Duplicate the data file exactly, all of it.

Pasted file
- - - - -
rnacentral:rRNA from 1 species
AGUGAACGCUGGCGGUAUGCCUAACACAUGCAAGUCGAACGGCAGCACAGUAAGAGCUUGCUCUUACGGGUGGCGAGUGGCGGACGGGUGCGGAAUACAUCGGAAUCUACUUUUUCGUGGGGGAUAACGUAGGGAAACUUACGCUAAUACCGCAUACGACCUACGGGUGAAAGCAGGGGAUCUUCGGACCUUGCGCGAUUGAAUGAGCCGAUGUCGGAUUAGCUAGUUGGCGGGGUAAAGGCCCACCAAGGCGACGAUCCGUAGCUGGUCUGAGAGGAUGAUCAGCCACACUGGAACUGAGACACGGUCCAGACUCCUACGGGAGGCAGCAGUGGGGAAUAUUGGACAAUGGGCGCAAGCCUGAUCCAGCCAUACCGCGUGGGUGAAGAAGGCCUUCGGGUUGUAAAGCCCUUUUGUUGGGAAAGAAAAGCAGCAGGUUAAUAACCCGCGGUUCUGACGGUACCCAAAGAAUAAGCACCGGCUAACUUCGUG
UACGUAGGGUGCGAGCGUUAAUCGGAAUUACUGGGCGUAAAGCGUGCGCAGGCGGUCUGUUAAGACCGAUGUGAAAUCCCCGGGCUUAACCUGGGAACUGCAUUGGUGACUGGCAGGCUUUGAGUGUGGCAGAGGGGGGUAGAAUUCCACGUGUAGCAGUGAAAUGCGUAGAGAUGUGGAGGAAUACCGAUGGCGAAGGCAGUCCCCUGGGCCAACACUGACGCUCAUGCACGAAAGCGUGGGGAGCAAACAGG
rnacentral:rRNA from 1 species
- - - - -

rnacentral:rRNA from 1 species
AGUGAACGCUGGCGGUAUGCCUAACACAUGCAAGUCGAACGGCAGCACAGUAAGAGCUUGCUCUUACGGGUGGCGAGUGGCGGACGGGUGCGGAAUACAUCGGAAUCUACUUUUUCGUGGGGGAUAACGUAGGGAAACUUACGCUAAUACCGCAUACGACCUACGGGUGAAAGCAGGGGAUCUUCGGACCUUGCGCGAUUGAAUGAGCCGAUGUCGGAUUAGCUAGUUGGCGGGGUAAAGGCCCACCAAGGCGACGAUCCGUAGCUGGUCUGAGAGGAUGAUCAGCCACACUGGAACUGAGACACGGUCCAGACUCCUACGGGAGGCAGCAGUGGGGAAUAUUGGACAAUGGGCGCAAGCCUGAUCCAGCCAUACCGCGUGGGUGAAGAAGGCCUUCGGGUUGUAAAGCCCUUUUGUUGGGAAAGAAAAGCAGCAGGUUAAUAACCCGCGGUUCUGACGGUACCCAAAGAAUAAGCACCGGCUAACUUCGUG
UACGUAGGGUGCGAGCGUUAAUCGGAAUUACUGGGCGUAAAGCGUGCGCAGGCGGUCUGUUAAGACCGAUGUGAAAUCCCCGGGCUUAACCUGGGAACUGCAUUGGUGACUGGCAGGCUUUGAGUGUGGCAGAGGGGGGUAGAAUUCCACGUGUAGCAGUGAAAUGCGUAGAGAUGUGGAGGAAUACCGAUGGCGAAGGCAGUCCCCUGGGCCAACACUGACGCUCAUGCACGAAAGCGUGGGGAGCAAACAGG
rnacentral:rRNA from 1 species